Saint Philaretos

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Philaretus of Paphlagonia (Menologion of Basil II).jpg

Saint Philaretos lived sometime in the early 8th century. Born in Paphlagonia, Philaretos was very rich and belonged to an illustrious local aristocratic family (Byzantine Anatolian Magnates). According to the hagiography written by his grandson Niketas, Philaretos possessed unworldly generosity and gave away most of his wealth. Eventually his granddaughter, Maria of Amnia, was selected to be Empress consort of Constantine VI of the Byzantine Empire in the first recorded Bride Show.

The Hagiography written by the grandson of Saint Philaretos is noteworthy for those studying the period. The lands of Paphlagonia, for example, are described as having been raided by the "Ishmaelites", attesting to the success of Islamic raids into Byzantine territory as Paphlagonia is within a few days ride from Constantinople.

Furthermore, the work reveals the possible political undertones of Philaretos's canonization. Joining the Sainthood at the time required substantial investments, including a cult, churches built throughout the imperial territory and a sustained endowment to continually petition the Church and Bishop synods to grant Sainthood. Some historians have suggested that Niketas wrote the hagiography in order to legitimize the family and increase its prestige. Maria of Amnia, Philaretos's granddaughter, had married the emperor Constantine VI largely at the insistence of his powerful mother Empress Irene. The Bride Show might have been an attempt by Irene to marry her son to a girl with no substantial connections and thus to reduce his power. Empress Irene relentlessly maintained her power even as her son matured and the regency ended. In fact, the hagiography by Niketas refers to the Empress Irene as Basileus Irene, in the masculine conjugation of the Greek term meaning emperor. This signifies the powerful role of the Empress mother.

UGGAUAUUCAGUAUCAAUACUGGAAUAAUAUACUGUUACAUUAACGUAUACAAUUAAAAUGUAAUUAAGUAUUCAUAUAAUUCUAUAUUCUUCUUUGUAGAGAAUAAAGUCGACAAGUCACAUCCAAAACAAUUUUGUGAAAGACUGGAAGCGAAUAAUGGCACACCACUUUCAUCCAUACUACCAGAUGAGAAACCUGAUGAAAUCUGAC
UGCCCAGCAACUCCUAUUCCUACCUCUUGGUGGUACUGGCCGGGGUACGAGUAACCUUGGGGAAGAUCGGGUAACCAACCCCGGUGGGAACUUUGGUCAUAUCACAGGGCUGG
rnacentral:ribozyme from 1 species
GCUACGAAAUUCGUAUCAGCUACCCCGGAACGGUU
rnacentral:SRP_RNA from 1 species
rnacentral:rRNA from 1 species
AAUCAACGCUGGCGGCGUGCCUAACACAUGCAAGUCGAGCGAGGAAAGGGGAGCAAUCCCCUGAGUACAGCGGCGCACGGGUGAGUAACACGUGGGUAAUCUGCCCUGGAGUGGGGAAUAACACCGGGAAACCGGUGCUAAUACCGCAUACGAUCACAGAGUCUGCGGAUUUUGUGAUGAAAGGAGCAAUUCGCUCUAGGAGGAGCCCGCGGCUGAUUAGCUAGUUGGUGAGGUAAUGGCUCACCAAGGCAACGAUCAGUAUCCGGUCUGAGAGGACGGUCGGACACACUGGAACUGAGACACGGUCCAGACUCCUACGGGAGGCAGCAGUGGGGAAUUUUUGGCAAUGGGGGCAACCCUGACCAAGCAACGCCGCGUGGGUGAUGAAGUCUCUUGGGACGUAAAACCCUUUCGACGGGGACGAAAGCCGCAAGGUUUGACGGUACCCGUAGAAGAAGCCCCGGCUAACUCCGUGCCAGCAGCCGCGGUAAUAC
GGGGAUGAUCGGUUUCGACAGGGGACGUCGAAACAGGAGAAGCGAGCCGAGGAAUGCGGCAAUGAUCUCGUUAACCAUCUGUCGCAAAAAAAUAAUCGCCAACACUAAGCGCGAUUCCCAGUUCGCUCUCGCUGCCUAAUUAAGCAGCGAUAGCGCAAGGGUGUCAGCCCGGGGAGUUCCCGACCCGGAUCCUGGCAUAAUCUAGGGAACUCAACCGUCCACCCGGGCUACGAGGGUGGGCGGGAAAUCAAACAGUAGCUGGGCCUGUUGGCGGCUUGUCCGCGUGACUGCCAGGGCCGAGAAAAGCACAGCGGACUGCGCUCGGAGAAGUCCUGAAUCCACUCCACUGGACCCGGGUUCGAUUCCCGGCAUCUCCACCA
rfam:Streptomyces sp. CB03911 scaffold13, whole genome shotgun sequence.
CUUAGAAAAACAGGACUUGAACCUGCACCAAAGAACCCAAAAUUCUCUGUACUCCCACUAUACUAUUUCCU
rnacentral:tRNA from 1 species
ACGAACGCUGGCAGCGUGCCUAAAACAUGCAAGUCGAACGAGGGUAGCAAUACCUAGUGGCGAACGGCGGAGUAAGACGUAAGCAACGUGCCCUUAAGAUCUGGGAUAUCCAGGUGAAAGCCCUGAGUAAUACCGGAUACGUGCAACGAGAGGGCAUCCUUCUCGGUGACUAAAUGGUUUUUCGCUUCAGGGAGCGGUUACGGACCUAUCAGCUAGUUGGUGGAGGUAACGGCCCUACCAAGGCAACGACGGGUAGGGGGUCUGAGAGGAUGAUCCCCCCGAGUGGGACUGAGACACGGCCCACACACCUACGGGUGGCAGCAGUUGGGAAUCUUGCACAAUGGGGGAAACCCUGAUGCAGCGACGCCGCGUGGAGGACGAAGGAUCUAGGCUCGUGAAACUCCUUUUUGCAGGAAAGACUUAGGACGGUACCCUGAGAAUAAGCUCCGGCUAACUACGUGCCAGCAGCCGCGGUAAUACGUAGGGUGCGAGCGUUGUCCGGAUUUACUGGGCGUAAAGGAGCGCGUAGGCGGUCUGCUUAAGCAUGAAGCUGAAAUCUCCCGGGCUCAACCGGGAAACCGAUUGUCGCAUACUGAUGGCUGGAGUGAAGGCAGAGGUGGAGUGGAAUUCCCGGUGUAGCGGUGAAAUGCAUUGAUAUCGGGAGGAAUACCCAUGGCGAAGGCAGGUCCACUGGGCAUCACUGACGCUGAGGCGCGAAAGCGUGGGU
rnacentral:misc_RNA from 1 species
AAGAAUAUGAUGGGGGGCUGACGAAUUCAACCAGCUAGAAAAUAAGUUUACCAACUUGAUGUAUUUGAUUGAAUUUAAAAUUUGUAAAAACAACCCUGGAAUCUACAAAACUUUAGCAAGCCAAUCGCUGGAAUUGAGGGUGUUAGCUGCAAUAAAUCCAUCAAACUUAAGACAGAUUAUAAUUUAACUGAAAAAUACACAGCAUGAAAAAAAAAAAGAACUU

After the Emperor Constantine VI succeeded in wrestling power from his mother, he also divorced his wife Maria. Thus, the work of Niketas might be seen as an attempt to shore up the family's ancestry with a holy and respected figure in order to confer prestige and legitimacy in the aftermath of the divorce.

Niketas's hagiography depicted Philaretos as a fool for christ.


  • Rydén, Lennart, and Nicetas. The Life of St Philaretos the Merciful Written by His Grandson Niketas: A Critical Edition with Introduction, Translation, Notes, and Indices. Uppsala: Uppsala University Library, 2002. Print.